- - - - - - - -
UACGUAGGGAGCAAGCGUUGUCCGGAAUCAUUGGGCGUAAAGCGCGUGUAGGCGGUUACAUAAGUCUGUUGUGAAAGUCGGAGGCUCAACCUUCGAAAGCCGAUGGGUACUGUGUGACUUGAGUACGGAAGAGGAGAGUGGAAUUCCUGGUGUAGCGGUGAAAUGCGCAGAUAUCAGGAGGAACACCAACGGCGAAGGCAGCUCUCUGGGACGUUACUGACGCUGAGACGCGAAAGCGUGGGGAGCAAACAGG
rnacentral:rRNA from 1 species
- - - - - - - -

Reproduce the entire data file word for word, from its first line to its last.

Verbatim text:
UACGUAGGGAGCAAGCGUUGUCCGGAAUCAUUGGGCGUAAAGCGCGUGUAGGCGGUUACAUAAGUCUGUUGUGAAAGUCGGAGGCUCAACCUUCGAAAGCCGAUGGGUACUGUGUGACUUGAGUACGGAAGAGGAGAGUGGAAUUCCUGGUGUAGCGGUGAAAUGCGCAGAUAUCAGGAGGAACACCAACGGCGAAGGCAGCUCUCUGGGACGUUACUGACGCUGAGACGCGAAAGCGUGGGGAGCAAACAGG
rnacentral:rRNA from 1 species